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I'm trying to predict output per worker for given inputs of capital (physical capital), labor (human capital) & productivity. I have a data set of several countries

[[ "USA", {"Capital":3.21,"Labor":1.31,"Productivity":3.17}, 2.96 ]
 [ "Norway", {"Capital":3.46,"Labor":1.27,"Productivity":2.92}, 2.72 ]
 [ "UK", {"Capital":2.21,"Labor":1.27,"Productivity":2.76}, 2.25 ]
 [ "Canada", {"Capital":2.76,"Labor":1.32,"Productivity":2.5}, 2.22 ]
 [ "Japan", {"Capital":3.53,"Labor":1.3,"Productivity":2.12}, 2.04 ]
 [ "South Korea", {"Capital":2.34,"Labor":1.22,"Productivity":2}, 1.6 ]
 [ "Mexico", {"Capital":0.87,"Labor":1.04,"Productivity":1.65}, 0.86 ]
 [ "Peru", {"Capital":0.38,"Labor":1.07,"Productivity":1.01}, 0.41 ]
 [ "India", {"Capital":0.32,"Labor":0.97,"Productivity":1.11}, 0.38 ]
 [ "Cameroon", {"Capital":0.12,"Labor":0.76,"Productivity":1.39}, 0.3 ]
 [ "Zambia", {"Capital":0.1,"Labor":0.85,"Productivity":0.44}, 0.1 ]
 [ "United-States", {"Capital":3.21,"Labor":1.31,"Productivity":3.17}, 2.96 ]
 [ "Canada", {"Capital":3.21,"Labor":1.19,"Productivity":3.28}, 2.78 ]
 [ "Italy", {"Capital":3.41,"Labor":0.85,"Productivity":3.83}, 2.47 ]
 [ "West-Germany", {"Capital":3.59,"Labor":1.05,"Productivity":2.89}, 2.42 ]
 [ "France", {"Capital":3.5,"Labor":0.87,"Productivity":3.57}, 2.42 ]
 [ "United-Kingdom", {"Capital":2.86,"Labor":1.06,"Productivity":3.2}, 2.15 ]
 [ "Hong-Kong", {"Capital":2.38,"Labor":0.96,"Productivity":3.53}, 1.8 ]
 [ "Singapore", {"Capital":3.31,"Labor":0.71,"Productivity":3.42}, 1.79 ]
 [ "Japan", {"Capital":3.59,"Labor":1.04,"Productivity":2.09}, 1.74 ]
 [ "Mexico", {"Capital":2.78,"Labor":0.71,"Productivity":2.94}, 1.28 ]
 [ "Argentina", {"Capital":3.06,"Labor":0.89,"Productivity":2.05}, 1.24 ]
 [ "USSR.", {"Capital":3.95,"Labor":0.95,"Productivity":1.48}, 1.23 ]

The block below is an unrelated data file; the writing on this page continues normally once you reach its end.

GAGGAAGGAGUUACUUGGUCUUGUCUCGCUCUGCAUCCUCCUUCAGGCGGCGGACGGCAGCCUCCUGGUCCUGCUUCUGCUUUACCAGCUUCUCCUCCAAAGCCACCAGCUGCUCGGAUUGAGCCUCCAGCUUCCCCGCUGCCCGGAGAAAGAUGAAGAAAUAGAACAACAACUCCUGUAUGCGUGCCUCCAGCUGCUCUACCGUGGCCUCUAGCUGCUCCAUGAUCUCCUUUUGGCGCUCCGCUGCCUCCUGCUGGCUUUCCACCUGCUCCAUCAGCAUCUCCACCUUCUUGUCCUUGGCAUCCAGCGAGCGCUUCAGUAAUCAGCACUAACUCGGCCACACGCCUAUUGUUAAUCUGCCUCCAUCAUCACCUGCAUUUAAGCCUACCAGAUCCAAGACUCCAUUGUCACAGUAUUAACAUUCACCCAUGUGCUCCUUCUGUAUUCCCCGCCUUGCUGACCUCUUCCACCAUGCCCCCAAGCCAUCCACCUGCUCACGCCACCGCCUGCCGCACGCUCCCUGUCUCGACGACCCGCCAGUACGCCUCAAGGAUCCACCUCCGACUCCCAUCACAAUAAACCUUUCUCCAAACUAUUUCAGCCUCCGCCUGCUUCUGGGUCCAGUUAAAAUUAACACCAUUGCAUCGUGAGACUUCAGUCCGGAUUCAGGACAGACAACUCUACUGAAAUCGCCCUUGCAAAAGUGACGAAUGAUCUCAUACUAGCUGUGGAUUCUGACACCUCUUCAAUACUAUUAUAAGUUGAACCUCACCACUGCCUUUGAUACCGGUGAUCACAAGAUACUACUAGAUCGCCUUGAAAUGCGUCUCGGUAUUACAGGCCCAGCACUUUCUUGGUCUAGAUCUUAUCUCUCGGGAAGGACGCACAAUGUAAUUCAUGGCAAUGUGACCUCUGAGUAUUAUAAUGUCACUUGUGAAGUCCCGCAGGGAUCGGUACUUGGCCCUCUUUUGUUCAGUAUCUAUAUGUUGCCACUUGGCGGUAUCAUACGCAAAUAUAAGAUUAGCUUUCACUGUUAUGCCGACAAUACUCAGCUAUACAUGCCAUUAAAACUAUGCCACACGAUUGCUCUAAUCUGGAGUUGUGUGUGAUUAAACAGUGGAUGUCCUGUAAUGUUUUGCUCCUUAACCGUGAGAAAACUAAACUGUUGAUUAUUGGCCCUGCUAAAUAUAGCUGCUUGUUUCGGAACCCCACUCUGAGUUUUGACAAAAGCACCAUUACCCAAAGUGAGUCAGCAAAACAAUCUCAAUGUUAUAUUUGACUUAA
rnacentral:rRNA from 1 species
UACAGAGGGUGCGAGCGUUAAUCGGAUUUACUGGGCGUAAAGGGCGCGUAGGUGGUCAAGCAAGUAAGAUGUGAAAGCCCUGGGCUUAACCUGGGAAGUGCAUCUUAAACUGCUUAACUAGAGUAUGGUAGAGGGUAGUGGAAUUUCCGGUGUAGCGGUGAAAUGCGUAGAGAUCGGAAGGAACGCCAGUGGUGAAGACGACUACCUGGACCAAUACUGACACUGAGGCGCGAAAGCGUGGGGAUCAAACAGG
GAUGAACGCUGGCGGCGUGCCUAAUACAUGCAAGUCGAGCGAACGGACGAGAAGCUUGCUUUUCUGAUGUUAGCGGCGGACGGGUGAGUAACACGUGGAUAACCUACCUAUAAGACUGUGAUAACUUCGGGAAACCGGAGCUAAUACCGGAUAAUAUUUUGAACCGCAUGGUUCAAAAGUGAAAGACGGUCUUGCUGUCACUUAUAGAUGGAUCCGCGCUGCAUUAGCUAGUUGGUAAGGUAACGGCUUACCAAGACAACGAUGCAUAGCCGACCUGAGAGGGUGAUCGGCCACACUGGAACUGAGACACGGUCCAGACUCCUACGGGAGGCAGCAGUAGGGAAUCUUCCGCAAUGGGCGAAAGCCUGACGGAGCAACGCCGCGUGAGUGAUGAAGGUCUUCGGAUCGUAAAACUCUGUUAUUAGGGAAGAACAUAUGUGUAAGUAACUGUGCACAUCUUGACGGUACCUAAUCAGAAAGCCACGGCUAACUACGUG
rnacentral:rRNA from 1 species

[ "India", {"Capital":2.27,"Labor":0.6,"Productivity":0.85}, 0.25 ]
 [ "China", {"Capital":2.86,"Labor":0.83,"Productivity":0.34}, 0.18 ]
 [ "Kenya", {"Capital":2.4,"Labor":0.6,"Productivity":0.52}, 0.17 ]
 [ "Zaire", {"Capital":1.6,"Labor":0.53,"Productivity":0.51}, 0.1 ]]

Each row represent country name, inputs (capital, labor, productivity) & output. Now I want to be able from given inputs say

{"Capital":1.1,"Labor":0.4,"Productivity":0.3}   

to predict how much output will the country produce.

So far I've looked at two neural network implementations http://github.com/harthur/brain which gives me bad predictions (or I'm using it/training it badly), and http://cs.stanford.edu/people/karpathy/convnetjs which I don't know how to use for continuous data.

I don't know are the neural networks right approach,or maybe different method/ library are more fitting for my problem, maybe surface fitting or whatever. I just want to create some bastard Solow model that roughly fits the data points I have.

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    $\begingroup$ Get coefficients using R and lm function: lm(out~. , data=mydata) $\endgroup$ – rnso Nov 7 '14 at 17:18
  • $\begingroup$ @whuber I don't have idea how to narrow it down. What I need is any method to learn from historical data and predict from new inputs.I've looked at two neural network implementations github.com/harthur/brain bad predictions (or me using it wrong), and cs.stanford.edu/people/karpathy/convnetjs don't know how to use it for continuous data. So I'm not sure are neural networks even right approach. $\endgroup$ – slobodan.blazeski Nov 7 '14 at 17:35
  • $\begingroup$ Predicting one value based on observations of other values comprises a great deal of statistics. There wouldn't be enough space even to list all their names in an answer! To focus your question you need at least to explain what these data are and provide a context for understanding why you are making predictions and evaluating the quality of those predictions. $\endgroup$ – whuber Nov 7 '14 at 17:46
  • $\begingroup$ Is there a reason you aren't simply using standard regression methods? $\endgroup$ – gung - Reinstate Monica Nov 7 '14 at 18:51
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    $\begingroup$ Because I forgot all the statistics in 14 years of not using it. The only tools I have now are magic (libraries) or brute force and ignorance. Any more specific pointers/links for my problem 3 independent parameters -> 1 dependent will be appreacited $\endgroup$ – slobodan.blazeski Nov 7 '14 at 19:16
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Here's the code in R for linear regression, assuming you have the object as a dataframe X, Capital Labor Productivity Output 3.21 1.31 3.17 2.96 3.46 1.27 2.92 2.72 2.21 1.27 2.76 2.25 2.76 1.32 2.50 2.22 3.53 1.30 2.12 2.04 2.34 1.22 2.00 1.60

Then you can just use the simple linear regression

fit = lm(Output~., data = X)

To predict on newdata which doesn't have the Output, you just use predict

predict(fit, newdata)
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